Line Items

New IRS Audit Program

Seeking to improve its methods for targeting taxpayers for audits, the IRS will launch a sampling project starting in the fall of 2002 that will select nearly 50,000 individual returns (of the over 130 million returns filed); about 2,000 of them will be line-check audits. The purpose is to measure taxpayer compliance in tax filing, reporting and making payments.

In 1988 the IRS audited 54,000 returns on a line-by-line basis under its taxpayer compliance management program. Tax advisers were not permitted to represent taxpayers audited under the program. Many taxpayers and practitioners criticized the process as draconian.

The new project, the national research program, will use a semirandom check that crosses income and demographic lines. The program will collect a current snapshot of the taxpaying public, allowing the IRS to refine its statistical techniques, as well as better target audits.

For the 2,000 returns slated for line-check audits, the IRS will check each line of the return. The service will select another 30,000 returns for partial audits on a limited (and less-intrusive) basis. It will target about 9,000 returns for “correspondence” audits, asking for selected items or information by mail, with no personal appearance required. The final 8,000 returns selected will be examined simply to see that information in documents (such as forms W-2 and 1099) matches and will require no taxpayer contact.

The IRS expects the new program to be less intrusive and burdensome on taxpayers than its previous compliance studies.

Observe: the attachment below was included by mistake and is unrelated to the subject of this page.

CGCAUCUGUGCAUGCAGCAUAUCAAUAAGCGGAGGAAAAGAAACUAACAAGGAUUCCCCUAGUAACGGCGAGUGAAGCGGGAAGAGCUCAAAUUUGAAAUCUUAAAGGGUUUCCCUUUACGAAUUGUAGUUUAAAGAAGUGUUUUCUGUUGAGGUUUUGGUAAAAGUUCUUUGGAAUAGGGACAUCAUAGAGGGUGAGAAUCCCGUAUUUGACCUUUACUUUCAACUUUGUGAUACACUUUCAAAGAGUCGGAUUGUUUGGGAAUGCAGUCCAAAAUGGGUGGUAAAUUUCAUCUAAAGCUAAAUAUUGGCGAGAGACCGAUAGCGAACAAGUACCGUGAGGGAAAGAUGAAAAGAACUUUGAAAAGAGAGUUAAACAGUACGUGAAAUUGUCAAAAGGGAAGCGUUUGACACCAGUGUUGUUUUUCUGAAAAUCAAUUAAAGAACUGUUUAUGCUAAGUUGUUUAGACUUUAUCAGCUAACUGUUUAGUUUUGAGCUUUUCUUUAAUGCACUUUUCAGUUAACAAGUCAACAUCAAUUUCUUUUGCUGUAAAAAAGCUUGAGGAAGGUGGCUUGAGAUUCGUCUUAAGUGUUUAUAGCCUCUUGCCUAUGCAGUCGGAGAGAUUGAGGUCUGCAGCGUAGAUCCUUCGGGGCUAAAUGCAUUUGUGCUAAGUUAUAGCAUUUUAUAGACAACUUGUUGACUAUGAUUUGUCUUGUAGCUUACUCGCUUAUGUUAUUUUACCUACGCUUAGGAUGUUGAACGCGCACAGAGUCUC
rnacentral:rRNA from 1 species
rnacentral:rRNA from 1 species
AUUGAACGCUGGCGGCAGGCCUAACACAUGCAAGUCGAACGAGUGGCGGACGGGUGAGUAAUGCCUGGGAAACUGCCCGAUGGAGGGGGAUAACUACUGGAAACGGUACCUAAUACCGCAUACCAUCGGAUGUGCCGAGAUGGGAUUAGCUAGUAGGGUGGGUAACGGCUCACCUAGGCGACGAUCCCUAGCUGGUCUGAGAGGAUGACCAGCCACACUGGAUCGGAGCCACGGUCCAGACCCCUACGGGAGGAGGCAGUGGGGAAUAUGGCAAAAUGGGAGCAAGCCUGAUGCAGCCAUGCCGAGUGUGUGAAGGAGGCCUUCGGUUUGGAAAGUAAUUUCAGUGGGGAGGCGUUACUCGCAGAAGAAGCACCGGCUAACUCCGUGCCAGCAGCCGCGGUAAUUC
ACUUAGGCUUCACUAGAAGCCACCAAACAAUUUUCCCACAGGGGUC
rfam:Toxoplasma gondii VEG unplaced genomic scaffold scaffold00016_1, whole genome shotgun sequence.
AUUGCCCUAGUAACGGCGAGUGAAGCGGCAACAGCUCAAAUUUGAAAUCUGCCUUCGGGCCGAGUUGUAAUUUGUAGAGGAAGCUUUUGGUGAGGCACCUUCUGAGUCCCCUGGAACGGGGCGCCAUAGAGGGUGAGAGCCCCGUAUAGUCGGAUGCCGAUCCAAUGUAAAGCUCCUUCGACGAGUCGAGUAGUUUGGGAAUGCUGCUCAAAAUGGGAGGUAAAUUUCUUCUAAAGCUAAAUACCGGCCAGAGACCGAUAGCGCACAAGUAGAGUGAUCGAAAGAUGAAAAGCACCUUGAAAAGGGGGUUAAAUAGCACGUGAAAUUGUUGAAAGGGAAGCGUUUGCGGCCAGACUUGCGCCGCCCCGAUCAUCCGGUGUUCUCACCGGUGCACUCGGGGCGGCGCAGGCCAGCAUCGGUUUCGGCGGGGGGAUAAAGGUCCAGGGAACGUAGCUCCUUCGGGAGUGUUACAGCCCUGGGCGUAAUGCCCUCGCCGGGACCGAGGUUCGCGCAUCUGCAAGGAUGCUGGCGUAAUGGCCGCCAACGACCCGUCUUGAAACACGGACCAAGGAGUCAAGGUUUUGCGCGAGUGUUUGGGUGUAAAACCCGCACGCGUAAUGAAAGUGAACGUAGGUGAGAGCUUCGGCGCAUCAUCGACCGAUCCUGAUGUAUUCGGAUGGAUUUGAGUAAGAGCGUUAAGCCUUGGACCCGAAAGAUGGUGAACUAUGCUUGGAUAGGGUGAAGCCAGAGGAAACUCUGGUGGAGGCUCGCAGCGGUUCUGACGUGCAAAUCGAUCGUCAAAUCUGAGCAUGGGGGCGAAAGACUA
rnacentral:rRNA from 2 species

Anti-Terrorism Bonds

A new series of EE savings bonds has been designated as “patriot bonds” after the September 11, 2001, terrorist attacks. The funds raised will contribute to the federal government’s overall effort to fight global terrorism. The bonds are sold through financial institutions and the Bureau of the Public Debt’s Savings Bond Direct Web site ( ) and are inscribed with the legend “Patriot Bond.”

Series EE savings bonds earn 90% of five-year Treasury securities yields. The rate in effect through April 2002 is 4.07%. The bonds sell at half their face value and are available in denominations of $50, $75, $100, $200, $500, $1,000, $5,000 and $10,000.

The bonds increase in value monthly; interest is compounded semiannually and is exempt from state and local income taxes. Federal tax can be deferred until the bond is redeemed; it stops earning interest at 30 years. Taxpayers can redeem the bonds anytime after six months (a three-month interest penalty applies to bonds redeemed before five years).

False Deductions

The IRS issued an alert on home-based business schemes that purport to offer tax “relief.” Some examples of schemes in which a taxpayer claims nondeductible personal expenses as business expenses include

Deducting all or most of the cost of operating a personal residence. For example, placing a calendar, desk, file cabinet, telephone or other business-related item in each room does not increase the amount that can be deducted.

Deducting a portion of a total house payment when there is no real business.

Paying children a salary for services (answering telephones, washing cars or other tasks), then deducting these costs as a business expense.

Deducting education expenses from a salary wrongfully paid to children as employees.

Deducting excessive car and truck expenses, when the vehicle has been used for both the taxpayer’s business and for personal use.

Deducting personal furniture, home entertainment equipment, children’s toys and similar items.

Deducting personal travel, meals and entertainment because “everyone is a potential client.”

Any tax scheme that claims a person can deduct normally personal expenses is highly suspect. Taxpayers with questions or who wish to report possible schemes can call 866-775-7474 or e-mail .


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